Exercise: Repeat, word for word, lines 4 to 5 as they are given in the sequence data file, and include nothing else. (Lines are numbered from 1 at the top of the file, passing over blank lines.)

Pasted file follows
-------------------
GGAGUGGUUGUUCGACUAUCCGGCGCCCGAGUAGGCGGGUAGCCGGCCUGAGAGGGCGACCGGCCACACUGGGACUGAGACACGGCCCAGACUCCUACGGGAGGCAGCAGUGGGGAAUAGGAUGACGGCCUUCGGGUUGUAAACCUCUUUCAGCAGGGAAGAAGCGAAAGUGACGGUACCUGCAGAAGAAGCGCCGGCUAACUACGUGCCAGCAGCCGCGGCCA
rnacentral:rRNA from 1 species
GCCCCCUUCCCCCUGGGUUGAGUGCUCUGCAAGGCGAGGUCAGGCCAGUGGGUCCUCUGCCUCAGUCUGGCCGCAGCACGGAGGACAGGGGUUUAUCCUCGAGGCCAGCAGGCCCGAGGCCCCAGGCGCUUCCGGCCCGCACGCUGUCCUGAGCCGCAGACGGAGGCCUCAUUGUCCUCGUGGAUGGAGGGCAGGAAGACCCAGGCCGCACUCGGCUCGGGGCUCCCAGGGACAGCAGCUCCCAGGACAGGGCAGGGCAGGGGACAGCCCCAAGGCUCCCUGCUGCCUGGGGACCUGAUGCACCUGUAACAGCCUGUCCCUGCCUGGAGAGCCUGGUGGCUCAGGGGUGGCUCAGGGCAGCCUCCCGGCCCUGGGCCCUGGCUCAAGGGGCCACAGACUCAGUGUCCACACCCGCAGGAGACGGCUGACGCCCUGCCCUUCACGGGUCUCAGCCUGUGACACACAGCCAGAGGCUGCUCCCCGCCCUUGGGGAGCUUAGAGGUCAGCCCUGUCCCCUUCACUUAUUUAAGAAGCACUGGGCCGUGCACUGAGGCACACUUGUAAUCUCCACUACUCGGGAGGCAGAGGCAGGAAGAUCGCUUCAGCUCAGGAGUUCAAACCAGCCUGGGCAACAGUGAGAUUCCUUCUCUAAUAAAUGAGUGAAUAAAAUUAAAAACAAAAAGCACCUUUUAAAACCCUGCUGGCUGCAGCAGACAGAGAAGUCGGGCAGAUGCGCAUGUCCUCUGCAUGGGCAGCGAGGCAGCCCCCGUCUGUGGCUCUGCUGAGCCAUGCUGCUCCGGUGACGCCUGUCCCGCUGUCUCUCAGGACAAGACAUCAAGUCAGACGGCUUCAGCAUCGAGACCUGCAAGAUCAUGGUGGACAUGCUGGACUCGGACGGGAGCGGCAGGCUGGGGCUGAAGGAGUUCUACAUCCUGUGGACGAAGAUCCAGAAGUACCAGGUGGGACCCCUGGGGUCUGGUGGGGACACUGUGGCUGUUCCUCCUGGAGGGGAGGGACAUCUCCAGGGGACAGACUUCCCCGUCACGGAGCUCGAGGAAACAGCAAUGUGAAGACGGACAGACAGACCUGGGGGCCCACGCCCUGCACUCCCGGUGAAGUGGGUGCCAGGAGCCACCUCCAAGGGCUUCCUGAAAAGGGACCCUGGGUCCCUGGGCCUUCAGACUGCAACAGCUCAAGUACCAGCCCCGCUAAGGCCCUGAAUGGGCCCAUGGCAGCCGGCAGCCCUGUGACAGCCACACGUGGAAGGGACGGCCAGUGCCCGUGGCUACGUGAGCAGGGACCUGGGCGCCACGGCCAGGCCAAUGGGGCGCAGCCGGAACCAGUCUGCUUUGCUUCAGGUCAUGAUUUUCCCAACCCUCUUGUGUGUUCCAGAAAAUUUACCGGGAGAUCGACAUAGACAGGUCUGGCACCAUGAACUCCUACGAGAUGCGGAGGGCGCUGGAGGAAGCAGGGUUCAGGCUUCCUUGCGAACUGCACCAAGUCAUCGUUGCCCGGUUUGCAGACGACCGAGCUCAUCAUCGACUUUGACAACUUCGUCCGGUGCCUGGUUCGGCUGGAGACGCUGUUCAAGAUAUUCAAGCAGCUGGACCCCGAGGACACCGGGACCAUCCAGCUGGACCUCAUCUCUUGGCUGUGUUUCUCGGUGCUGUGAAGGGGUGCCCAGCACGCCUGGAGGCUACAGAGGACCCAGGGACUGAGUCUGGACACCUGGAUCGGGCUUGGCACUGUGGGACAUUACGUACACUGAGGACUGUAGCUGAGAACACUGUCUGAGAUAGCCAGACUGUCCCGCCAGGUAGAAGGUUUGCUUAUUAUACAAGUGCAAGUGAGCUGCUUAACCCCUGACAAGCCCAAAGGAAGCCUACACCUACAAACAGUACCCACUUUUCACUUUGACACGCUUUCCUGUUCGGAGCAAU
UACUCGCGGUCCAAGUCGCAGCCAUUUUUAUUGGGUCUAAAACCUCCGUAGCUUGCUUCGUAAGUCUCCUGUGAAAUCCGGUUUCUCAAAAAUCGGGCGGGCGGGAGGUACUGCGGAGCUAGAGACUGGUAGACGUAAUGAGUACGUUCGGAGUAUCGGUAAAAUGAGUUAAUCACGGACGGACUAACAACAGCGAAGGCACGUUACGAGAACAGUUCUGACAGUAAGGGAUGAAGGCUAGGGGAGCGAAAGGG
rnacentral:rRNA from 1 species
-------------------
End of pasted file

UACUCGCGGUCCAAGUCGCAGCCAUUUUUAUUGGGUCUAAAACCUCCGUAGCUUGCUUCGUAAGUCUCCUGUGAAAUCCGGUUUCUCAAAAAUCGGGCGGGCGGGAGGUACUGCGGAGCUAGAGACUGGUAGACGUAAUGAGUACGUUCGGAGUAUCGGUAAAAUGAGUUAAUCACGGACGGACUAACAACAGCGAAGGCACGUUACGAGAACAGUUCUGACAGUAAGGGAUGAAGGCUAGGGGAGCGAAAGGG
rnacentral:rRNA from 1 species